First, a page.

3 Comments to
The Willard Suitcase Exhibit Online

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  1. It’s good to see this being made into an online exhibit, so more people have access to it. When I first read of it opening for public viewing in a New York City venue last December, I was a little taken aback at how little it took for some people to be locked away for life in that facility. Though I know of many atrocities and abuses that have taken place in the name of psychiatric treatment over the decades, it was still a little surprising to see how easily people could be locked away for life with no right of appeal, and few if any rights of any other kind, either. I think I remember reading of someone who was locked away there (at Willard)just for going through a fairly normal grieving process.

    Nowadays there seem to be some individuals and groups who long for a return to the days when this kind of thing was widespread. It would be nice if the advocates of “assisted” (aka forced) treatment would be more forthright about the abuses of the past such as this. Perhaps then it would be harder for them to justify lobbying so eagerly for legislation making this type of thing more likely to happen again in the future.

  2. In doing some family genealogy I have found that an aunt, Mildred Calhoun O’Connor, was a patient at Willard Psychiatric Center. I have been unable to get information as to her death or burial site. I am now curious to know if possibly one of the suitcases could be hers. How do I go about finding out if, in fact, one of them would be hers? I have asked family members about her and why she was a patient there and was advised her husband admitted her and walked away. She was diagnosed as “incompetent” – whatever that means!!!

  3. 1/8/2009 thurs. i got some free mental health care through social services in the late 1970’s at the psychiatric center…i wonder how to get in contact with the group[behavioral program 1980 chris lynch,dr.saati] kathleen mchale geneva ny

  4. My name is Tom and I worked at Willard Psy. from 1970 to 1995 when they closed it to turn it into a prison. It disturbs me that so much neg. material is written and viewed about the history of care in the mental health system. Yes it is true that in the very early years(1900 through 1960s)people were put into state hospitals, a lot of them were mistreated and not much care was given. But Willard was unlike any other State Psy.Center in that; no.1 it was in a very nice, peace full setting in the country 200 feet off the Seneca Lake shore line. And no.2 close to half the employees I worked with were the second and third generation (my grandmother, mother, and two aunts worked there with me and before me) of their families to work there. I remember my mother bringing a little old lady from her building to our home around 1966. Mom told me she always talks about how she used to love to clean and putter around her house, but she can’t do the at the hospital. I told her she could come to our house and putter. It’s a shame that much isn’t written of how Willard was a leader in moving into the modern age of treating people with mental problems. I was a member of one of the first community based day treatment programs teams -in 1972! Willard was ranked as the second best Hospital when the state closed it – to turn it into a prison! Yes we needed to move away from institutions, but to close what was maybe the best hospital in NYS so early, for strictly political reasons is typical of the way the state shows how much they really cared about the people we served.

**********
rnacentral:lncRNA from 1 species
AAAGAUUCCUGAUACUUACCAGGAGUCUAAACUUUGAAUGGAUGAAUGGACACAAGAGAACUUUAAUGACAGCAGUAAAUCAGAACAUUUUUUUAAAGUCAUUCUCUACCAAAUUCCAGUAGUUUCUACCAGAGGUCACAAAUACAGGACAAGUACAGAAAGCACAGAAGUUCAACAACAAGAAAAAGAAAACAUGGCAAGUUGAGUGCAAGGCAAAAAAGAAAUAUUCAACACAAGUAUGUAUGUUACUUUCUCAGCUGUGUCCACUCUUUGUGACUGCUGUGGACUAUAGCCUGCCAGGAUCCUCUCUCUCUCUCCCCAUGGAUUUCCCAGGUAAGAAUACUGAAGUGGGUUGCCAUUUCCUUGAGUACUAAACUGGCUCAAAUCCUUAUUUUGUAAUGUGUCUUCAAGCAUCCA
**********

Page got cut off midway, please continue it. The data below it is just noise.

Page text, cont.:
5. excellent writing .

  6. I was reviewing the articles about Willard Mental Hospital.

    I was priveleged to have known and worked with one of the patients known as Dymetro after the facility closed.

    I was interviewed just the year after his death from two people from Albany NY
    Unfortunately little of that was included?

    I was listening to the recollections of the nurses who cared for the patients at Willard and one comment was that Dymetro was always sad.

    Im happy to report that a mural he painted in our home was a happy and joyful one and is still there today 2011 in our home.

    Dymetro was my friend. We cared for him while he was with us and he is still missed.

    The collections of the peices of peoples lives are amazing. Let us remember them, and in tribute improve our ways.

    Most Sincerely,
    Teresa Monroe 2011



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